Conditions may soon improve for the lost and abused animals of Eaton County after the Board of Commissioners last week adopted a host of recommendations from a group that studied the animal shelter.
But the changes will be limited unless Eaton County Sheriff Mike Raines releases control of the shelter, says Judy Oisten, a member of the county’s Animal Control Task Force.
Raines, a Republican,
said this week that he’s been maligned for political reasons, and that
he’s doing the best he can with a shrinking budget.
meeting last Wednesday, the Eaton County commissioners, which is
controlled by Democrats, adopted the task force’s recommendations,
including an external review of the Animal Control Shelter, which is in
Charlotte, the creation of an advisory board and allowing volunteers to
work at the shelter. Another recommendation suggested putting the
shelter directly under the control of the county commissioners, rather
than the sheriff ’s, which would be similar to Ingham County’s
Raines said he would cooperate with such a
change. But he added that if the shelter were taken out of his control,
so would the legal powers of animal control officers.
"It is only at my discretion that any person is sworn in as a special deputy in Eaton County,” he told the commissioners.
I would have no control over the employees working for Animal Control,
I would be forced to rescind their special deputy status." Animal
control officers need the authority of the law, said Capt. Robert
Wessels of the Eaton County Sheriff ’s Department.
example, removing a vicious dog from its owner can be a difficult event
requiring legal backing. The county’s Public Safety Committee will take
up the sheriff ’s animal control role at its Dec. 4 meeting.
more than a year, members of the Friends of Ingham County Animal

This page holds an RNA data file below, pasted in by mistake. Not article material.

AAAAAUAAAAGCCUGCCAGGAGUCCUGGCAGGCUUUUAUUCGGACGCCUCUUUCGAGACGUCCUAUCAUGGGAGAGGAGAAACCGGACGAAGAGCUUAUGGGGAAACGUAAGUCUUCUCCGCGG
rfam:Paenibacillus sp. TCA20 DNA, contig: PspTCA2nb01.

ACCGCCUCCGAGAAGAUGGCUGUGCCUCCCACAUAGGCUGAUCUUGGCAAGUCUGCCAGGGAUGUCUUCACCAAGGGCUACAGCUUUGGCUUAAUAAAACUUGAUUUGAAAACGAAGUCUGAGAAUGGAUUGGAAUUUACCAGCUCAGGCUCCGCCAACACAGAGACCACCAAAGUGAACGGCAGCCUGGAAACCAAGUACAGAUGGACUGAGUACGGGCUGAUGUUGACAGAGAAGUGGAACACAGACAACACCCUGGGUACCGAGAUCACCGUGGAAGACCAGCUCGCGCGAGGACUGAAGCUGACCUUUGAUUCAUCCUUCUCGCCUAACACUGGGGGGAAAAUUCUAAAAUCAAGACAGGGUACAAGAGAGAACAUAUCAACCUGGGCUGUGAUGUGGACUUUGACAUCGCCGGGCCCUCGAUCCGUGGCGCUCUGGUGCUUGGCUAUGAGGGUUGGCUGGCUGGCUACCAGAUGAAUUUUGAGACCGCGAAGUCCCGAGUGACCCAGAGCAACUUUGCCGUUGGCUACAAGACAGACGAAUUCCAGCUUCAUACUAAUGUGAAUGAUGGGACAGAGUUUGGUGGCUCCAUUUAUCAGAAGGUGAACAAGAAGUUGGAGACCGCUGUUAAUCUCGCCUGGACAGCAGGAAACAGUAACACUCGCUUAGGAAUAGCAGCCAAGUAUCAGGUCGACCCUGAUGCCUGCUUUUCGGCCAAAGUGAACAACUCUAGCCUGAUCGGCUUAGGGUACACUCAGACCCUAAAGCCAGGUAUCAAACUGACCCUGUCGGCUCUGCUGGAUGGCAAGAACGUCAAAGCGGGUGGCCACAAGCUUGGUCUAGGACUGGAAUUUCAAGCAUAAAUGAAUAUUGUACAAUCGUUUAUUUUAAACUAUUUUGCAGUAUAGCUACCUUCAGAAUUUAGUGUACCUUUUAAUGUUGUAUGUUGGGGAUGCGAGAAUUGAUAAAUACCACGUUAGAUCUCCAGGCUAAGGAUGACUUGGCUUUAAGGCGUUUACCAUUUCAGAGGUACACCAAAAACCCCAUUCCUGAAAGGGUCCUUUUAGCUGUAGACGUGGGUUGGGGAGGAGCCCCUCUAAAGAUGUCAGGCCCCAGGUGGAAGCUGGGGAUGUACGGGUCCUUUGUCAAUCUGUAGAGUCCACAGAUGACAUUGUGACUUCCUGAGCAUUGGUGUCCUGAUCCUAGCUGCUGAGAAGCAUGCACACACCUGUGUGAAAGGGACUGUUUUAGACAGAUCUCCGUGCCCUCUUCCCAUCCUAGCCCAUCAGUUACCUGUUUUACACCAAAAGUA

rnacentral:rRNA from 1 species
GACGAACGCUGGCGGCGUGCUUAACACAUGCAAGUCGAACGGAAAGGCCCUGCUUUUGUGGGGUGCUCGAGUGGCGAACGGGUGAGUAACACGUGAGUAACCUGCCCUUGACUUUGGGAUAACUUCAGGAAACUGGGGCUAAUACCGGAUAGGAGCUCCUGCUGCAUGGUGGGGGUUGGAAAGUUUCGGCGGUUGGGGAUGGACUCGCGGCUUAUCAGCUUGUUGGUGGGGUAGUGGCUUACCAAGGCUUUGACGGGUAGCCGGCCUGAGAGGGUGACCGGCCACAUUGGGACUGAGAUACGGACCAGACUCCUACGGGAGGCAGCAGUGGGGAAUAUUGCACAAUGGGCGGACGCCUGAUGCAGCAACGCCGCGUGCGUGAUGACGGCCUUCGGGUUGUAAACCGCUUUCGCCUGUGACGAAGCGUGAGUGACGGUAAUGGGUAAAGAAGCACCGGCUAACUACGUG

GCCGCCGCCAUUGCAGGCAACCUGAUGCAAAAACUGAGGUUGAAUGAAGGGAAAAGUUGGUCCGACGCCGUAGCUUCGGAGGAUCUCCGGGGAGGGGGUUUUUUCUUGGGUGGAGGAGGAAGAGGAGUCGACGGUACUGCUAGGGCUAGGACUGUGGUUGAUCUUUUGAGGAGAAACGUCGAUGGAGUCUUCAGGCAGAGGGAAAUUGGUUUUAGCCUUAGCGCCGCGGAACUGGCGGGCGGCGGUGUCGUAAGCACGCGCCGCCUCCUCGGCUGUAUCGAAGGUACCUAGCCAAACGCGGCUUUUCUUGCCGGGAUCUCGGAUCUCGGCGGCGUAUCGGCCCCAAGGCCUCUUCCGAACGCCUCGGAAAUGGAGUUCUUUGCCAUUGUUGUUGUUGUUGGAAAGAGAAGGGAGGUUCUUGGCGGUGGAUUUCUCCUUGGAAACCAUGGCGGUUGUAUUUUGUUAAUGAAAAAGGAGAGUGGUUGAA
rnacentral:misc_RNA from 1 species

Shelter and others have been trying to guide the Eaton County facility
toward what they call more humane practices. Foremost in the group’s
concerns was that the shelter was selling dogs and cats to researchers
and breeders. In 2007, 164 dogs and 69 cats went to researchers,
according to MichiganAnimals.com, an animal activism blog. The Friends
mobilized animal rights activists from Lansing to Charlotte last May
and convinced the sheriff to terminate the practice.
Raines said that he had objected to the practice when the county commissioners began the practice as a moneymaking venture.
further concerns voiced by the volunteers led the county commissioners
to convene the task force. Despite the ongoing policy ping-pong,
members of the Friends of the Ingham County Animal Shelter made a
friendmaking gesture Nov. 14, delivering 24 dog beds and announcing
arrangements for delivery of 2,400 pounds of cat litter.
Raines in the past has denied access to volunteers, fearing the
practice would interfere with union contracts, he said. Topping the
task force’s list was an external review of the department’s operations
and facilities. Raines said he couldn’t afford such a study. Several
recommendations involved mechanisms for increasing adoptions, including
extending shelter hours past 8 a.m. to 5 p.m. weekdays (which staffing
cuts won’t allow, Raines said), and providing Internet options for
those seeking their lost pets (which has been done). Of 734 incoming
dogs, 263 were returned to owners, but 126 were killed in 2007,
MichiganAnimals reported. Cats fared worse: Of 957 that came to the
shelter, 682 were killed.
In their research, the volunteers
noted that dogs slept on cold floors and cats were given shredded
newspaper in the corners of their cages for elimination.
cat litter and dog beds will improve conditions for the shelter’s
animals said Holly Souve, one of the donors and a volunteer at the
Ingham County Animal Shelter.
"The dogs had no beds, no
blankies, nothing" to ease their stay, she said. Larry Green, the Eaton
County shelter director, received the beds and litter graciously, Souve
said. Further, she emphasized that her surprise visit revealed a
spotless animal area. Green did not return calls for comment, but
Wessels said the staff was trying to be "green" by using shredded
paper, and in fact, feral cats preferred the paper to kitty litter.
hope is that Green and Raines will say to themselves, ’Hey, volunteers
aren’t so bad’," Souve said. "And now, some doggies are sleeping